September 2015

and Baskin-Robbins is thriving. “There’s been a lot of recent news come through about ice cream is cool again,” said Bill Mitchell, president of Baskin-Robbins U.S. and Canada, and Dunkin’ Donuts and Baskin-Robbins China, Japan and Korea, in a recent interview discussing the brand. “So we think we’ve already hurdled that same hurdle that we faced in the mid-80s.”



AUNTIE ANNE’S HANDROLLED SOFT PRETZELS Who doesn’t like a piping hot soft pretzel? It’s the perfect intersection between sweet baked dessert and chewy savory snack, especially when consumers are choosing between sweet choices like raisin and cinnamon or savory choices like spicy jalapeno and


meaty hot dog-stuffed pretzel dogs. Auntie Anne’s has made a name for itself growing in the non-traditional model, taking its snacks from malls and airports to stadiums and military bases. This non-traditional model has proven quite successful for the brand, and is propelling it toward international growth with an entrance this year into Aruba and Canada. 27

Ex s



xcellence in frozen specialty bakery

rving major brands of Food Service in Brazil, the company is a market leader Written by: Flรกvia Brancato | Produced by: Taybele Piven 29



s a global leader in bakery and frozen confections, Aryzta is among the world’s three largest baking companies, earing 4.8 billion euros in profit last year. With 60 plants located in 25 different countries, it is headquartered in Zurich, Switzerland. The company started its journey in Brazil 30 years ago, providing hamburger buns and pies for McDonalds. After a merge in 2008 between IAWS Group PLC and Hiestand Holding AG, the company changed its name to Aryzta and has been part of Aryzta group since 2010. Maintaining its values, Aryzta possesses a differentiated quality concept based on maximum food safety, as well as full compliance with the customers’ expectations. “As the absolute leader in the food service sector in Brazil, the company is responsible for serving 80 percent of the national market,” said the president of Aryzta in Brazil, Claudio Gekker. The industrial structure of the company includes a specialized plant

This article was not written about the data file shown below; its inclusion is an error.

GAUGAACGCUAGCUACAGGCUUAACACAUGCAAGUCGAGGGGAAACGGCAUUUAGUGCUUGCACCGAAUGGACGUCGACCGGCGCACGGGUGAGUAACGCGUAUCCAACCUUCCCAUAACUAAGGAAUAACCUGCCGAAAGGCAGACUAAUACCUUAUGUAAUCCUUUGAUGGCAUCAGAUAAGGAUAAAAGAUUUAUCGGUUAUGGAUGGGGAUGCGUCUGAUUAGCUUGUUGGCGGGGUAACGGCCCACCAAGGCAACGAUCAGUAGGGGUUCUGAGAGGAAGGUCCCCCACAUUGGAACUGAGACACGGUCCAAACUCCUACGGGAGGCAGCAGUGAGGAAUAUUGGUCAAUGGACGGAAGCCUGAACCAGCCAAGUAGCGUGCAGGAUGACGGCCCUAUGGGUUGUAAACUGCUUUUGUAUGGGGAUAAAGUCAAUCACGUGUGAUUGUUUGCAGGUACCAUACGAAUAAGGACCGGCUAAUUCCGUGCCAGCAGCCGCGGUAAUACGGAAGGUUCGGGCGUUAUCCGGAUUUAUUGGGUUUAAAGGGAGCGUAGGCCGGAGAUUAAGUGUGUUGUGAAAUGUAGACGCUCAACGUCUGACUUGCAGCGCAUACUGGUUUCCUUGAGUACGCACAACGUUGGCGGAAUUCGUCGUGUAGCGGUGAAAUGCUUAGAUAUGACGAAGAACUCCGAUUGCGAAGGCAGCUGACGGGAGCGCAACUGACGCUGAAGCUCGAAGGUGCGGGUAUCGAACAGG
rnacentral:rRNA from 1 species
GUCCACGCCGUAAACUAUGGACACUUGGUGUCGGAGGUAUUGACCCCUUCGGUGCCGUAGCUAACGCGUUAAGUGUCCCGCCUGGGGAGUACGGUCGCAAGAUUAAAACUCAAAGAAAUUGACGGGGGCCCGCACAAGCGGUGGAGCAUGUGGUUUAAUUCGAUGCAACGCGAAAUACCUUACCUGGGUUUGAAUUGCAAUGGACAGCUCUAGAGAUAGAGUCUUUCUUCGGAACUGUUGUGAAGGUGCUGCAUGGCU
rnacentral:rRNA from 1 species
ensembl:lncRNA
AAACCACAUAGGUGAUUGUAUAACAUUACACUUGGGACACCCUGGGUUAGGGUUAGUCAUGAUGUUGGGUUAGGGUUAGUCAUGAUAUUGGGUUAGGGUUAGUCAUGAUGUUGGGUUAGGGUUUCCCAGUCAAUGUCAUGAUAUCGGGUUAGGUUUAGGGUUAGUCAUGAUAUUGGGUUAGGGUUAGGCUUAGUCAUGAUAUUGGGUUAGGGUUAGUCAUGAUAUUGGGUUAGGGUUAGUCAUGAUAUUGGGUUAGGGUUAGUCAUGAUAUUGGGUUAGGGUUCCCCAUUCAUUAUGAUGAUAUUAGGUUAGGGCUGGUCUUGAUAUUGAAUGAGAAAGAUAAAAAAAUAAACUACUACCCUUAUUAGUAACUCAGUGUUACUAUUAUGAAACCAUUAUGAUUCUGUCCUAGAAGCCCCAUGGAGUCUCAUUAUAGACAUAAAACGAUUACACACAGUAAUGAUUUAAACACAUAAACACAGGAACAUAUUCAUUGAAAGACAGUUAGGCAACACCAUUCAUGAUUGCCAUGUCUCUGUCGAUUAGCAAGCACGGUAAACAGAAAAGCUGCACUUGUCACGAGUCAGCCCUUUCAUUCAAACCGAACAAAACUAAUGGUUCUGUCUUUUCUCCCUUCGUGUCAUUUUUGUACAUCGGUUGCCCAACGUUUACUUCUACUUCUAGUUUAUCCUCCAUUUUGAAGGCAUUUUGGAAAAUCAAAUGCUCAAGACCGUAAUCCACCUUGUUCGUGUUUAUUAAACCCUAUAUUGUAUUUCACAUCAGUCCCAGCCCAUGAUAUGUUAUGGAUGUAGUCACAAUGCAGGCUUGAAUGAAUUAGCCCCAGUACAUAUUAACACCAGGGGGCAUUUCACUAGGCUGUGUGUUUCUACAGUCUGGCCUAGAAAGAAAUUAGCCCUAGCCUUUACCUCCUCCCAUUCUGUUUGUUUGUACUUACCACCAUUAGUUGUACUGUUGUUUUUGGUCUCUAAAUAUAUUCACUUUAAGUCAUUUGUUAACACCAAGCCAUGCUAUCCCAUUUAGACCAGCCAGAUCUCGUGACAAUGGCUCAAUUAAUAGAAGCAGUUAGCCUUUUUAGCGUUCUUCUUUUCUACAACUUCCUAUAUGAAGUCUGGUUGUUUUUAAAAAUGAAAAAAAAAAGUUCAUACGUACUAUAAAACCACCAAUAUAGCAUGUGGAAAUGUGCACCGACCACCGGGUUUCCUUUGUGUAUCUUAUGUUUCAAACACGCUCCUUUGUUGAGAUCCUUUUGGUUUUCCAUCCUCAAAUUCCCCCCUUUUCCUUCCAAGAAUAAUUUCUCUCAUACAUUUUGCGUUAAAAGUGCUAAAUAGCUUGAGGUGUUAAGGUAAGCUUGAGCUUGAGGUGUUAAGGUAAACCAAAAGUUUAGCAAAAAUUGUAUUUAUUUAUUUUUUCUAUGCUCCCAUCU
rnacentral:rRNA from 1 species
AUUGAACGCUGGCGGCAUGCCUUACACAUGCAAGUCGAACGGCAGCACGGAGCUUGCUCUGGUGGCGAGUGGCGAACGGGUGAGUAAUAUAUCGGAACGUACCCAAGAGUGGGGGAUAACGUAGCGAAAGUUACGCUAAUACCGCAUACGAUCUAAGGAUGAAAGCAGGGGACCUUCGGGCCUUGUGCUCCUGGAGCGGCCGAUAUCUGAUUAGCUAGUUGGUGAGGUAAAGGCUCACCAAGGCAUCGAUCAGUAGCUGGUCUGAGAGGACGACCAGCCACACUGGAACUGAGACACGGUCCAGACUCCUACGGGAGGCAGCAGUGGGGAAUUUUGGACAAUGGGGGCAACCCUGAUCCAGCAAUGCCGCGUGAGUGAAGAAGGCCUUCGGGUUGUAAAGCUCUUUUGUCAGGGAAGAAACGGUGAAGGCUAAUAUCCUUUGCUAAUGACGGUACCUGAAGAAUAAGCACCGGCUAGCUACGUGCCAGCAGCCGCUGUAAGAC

Bread factory in Food Town - Osasco


September 2015


Flour silos

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in Santo Amaro, São Paulo state, two bread factories in Osasco and Jaguariúna, also located São Paulo state, and another in Juiz de Fora, in Minas Gerais state. In addition to hamburger buns, artisan soft breads, artisan crusty breads, cakes, croissants, and more, the company has also been investing in new lines of products and packaging, including a specific line for retail. Future plans include partnerships with major supermarket chains. Management strategies Since the company’s arrival in Brazil, the process management system has been based on TPM, which evolved into LEAN Manufacturing. “Aryzta RISE is the result of continuous improvement

“As the absolute leader in the food service sector in Brazil, the company is responsible for serving 80 percent of the national market” – Claudio Gekker, president of Aryzta in Brazil

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Setembro 2015